Comparative Literature Studies publishes comparative critical essays that range across the rich traditions of Africa, Asia, Europe, and North and South America, and that examine the literary relations between East and West, North and South. Articles may also explore movements, themes, forms, the history of ideas, relations between authors, the foundations of criticism and theory, and issues of language and translation. Each issue of CLS also contains book reviews of the most important comparative literature monographs and essay collections.
CLS is an affiliated journal of the American Comparative Literature Association. With the ACLA, it sponsors the annual A. Owen Aldridge Prize for the Best Essay by a Comparative Literature Graduate Student, and subsequently publishes a revised version of the winning essay.
Recent special-issue topics of CLS have included “Poetry Games,” “The Gender and Queer Politics of Translation,” and “Sustaining Ecocriticism: Comparative Perspectives.” One of its issues every two years concerns East-West literary and cultural relations and is edited in conjunction with faculty members of Shanghai Jiaotong University.
An advanced graduate student in Comparative Literature serves as the editorial assistant for CLS, on an annual rotating basis.
ASAP/Journal is the scholarly journal of ASAP: The Association for the Study of the Arts of the Present. Co-edited by Jonathan P. Eburne (Penn State) and Amy Elias (University of Tennessee) and published by the Johns Hopkins University Press, ASAP/Journal explores new developments in post-1960s visual, media, literary, and performance arts. Promoting dialogue between artists and critics across the arts and humanities, ASAP/Journal publishes methodologically cutting-edge, conceptually adventurous, and historically nuanced research concerning the arts of the present, broadly conceived.
Beginning in 2016, ASAP-Journal will be published triannually in January, May, and September. Each issue will include six to eight peer-reviewed scholarly articles, an editors’ forum, and an interview with a practicing artist, in addition to other regular features. Issues also will include reports of forthcoming and past ASAP activities.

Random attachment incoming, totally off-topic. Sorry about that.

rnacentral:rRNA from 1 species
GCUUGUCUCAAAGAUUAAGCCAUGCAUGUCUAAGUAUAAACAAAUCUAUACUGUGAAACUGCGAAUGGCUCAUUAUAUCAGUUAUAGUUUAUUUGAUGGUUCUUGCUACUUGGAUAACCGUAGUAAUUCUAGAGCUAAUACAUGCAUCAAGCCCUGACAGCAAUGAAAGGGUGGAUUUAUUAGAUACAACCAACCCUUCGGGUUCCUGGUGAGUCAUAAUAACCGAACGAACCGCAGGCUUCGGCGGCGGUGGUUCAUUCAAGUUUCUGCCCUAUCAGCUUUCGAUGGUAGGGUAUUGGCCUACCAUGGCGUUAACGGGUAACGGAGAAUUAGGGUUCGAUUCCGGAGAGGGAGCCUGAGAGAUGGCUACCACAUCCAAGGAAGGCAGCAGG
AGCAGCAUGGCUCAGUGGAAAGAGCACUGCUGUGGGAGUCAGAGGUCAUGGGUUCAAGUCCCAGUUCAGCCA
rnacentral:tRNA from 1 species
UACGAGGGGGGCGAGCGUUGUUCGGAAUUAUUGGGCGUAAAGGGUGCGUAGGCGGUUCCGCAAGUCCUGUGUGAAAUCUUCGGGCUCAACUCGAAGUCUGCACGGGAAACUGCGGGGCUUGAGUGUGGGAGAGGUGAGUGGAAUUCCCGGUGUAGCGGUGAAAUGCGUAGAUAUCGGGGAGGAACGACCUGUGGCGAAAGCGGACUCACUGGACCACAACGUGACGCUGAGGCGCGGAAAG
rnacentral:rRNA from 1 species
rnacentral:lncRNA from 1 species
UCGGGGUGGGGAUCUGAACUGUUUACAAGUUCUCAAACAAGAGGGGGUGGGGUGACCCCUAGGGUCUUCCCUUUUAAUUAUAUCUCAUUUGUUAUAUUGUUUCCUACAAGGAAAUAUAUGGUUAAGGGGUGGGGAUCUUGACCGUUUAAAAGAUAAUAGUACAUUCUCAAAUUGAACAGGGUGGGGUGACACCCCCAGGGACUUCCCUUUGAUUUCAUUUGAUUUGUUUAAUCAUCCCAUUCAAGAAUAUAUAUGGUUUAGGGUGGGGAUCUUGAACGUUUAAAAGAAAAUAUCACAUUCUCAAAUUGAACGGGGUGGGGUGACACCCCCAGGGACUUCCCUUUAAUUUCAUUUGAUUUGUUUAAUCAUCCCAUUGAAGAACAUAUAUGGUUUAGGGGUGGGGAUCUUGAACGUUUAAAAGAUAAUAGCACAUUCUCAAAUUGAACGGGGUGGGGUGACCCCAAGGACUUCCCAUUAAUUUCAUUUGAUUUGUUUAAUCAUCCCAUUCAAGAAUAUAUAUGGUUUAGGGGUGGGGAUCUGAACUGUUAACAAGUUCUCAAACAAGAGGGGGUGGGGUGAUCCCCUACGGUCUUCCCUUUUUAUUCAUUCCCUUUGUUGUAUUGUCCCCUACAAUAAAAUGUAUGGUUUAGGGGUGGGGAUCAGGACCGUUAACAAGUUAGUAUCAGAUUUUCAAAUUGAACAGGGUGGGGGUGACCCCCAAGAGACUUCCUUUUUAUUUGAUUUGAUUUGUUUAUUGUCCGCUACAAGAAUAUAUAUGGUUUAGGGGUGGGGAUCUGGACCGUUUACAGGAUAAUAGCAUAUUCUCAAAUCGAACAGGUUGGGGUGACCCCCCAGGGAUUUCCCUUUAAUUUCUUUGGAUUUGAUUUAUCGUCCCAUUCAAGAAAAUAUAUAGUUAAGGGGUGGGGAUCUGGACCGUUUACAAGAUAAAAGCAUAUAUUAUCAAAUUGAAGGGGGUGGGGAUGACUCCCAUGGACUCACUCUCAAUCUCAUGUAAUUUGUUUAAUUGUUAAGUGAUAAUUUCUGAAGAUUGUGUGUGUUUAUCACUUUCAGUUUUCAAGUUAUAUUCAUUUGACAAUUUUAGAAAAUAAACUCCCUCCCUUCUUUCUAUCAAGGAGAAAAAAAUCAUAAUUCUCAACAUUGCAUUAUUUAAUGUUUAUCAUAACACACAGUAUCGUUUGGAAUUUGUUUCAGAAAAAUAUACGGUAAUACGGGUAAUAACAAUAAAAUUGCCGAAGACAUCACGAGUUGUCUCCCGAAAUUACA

An advanced graduate student in Comparative Literature sometimes serves as the editorial assistant for ASAP/Journal.
Verge: Studies in Global Asias showcases scholarship on "Asian" topics from across the humanities and humanistic social sciences, while recognizing that the changing scope of "Asia" as a concept and method is today an object of vital critical concern. Deeply transnational and transhistorical in scope, Verge emphasizes thematic and conceptual links among the disciplines and regional/area studies formations that address Asia in a variety of particularist (national, subnational, individual) and generalist (national, regional, global) modes. Responding to the ways in which large-scale social, cultural, and economic concepts like the world, the globe, or the universal (not to mention East Asian cousins like tianxia or datong) are reshaping the ways we think about the present, the past and the future, the journal publishes scholarship that occupies and enlarges the proximities among disciplinary and historical fields, from the ancient to the modern periods. The journal emphasizes multidisciplinary engagement—a crossing and dialogue of the disciplines that does not erase disciplinary differences, but uses them to make possible new conversations and new models of critical thought.
Tina Chen, Associate Professor of English and Asian American Studies, is the Editor of Verge, which is sponsored by Penn State’s Department of Asian Studies and published by the University of Minnesota Press.
Upcoming special issues include "Between Asia and Latin America," "Frontiers," "Indigeneity," "Forgetting Wars," and "Displaced Subjects: Human Rights, Humanitarianism, and Critical Refugees Studies."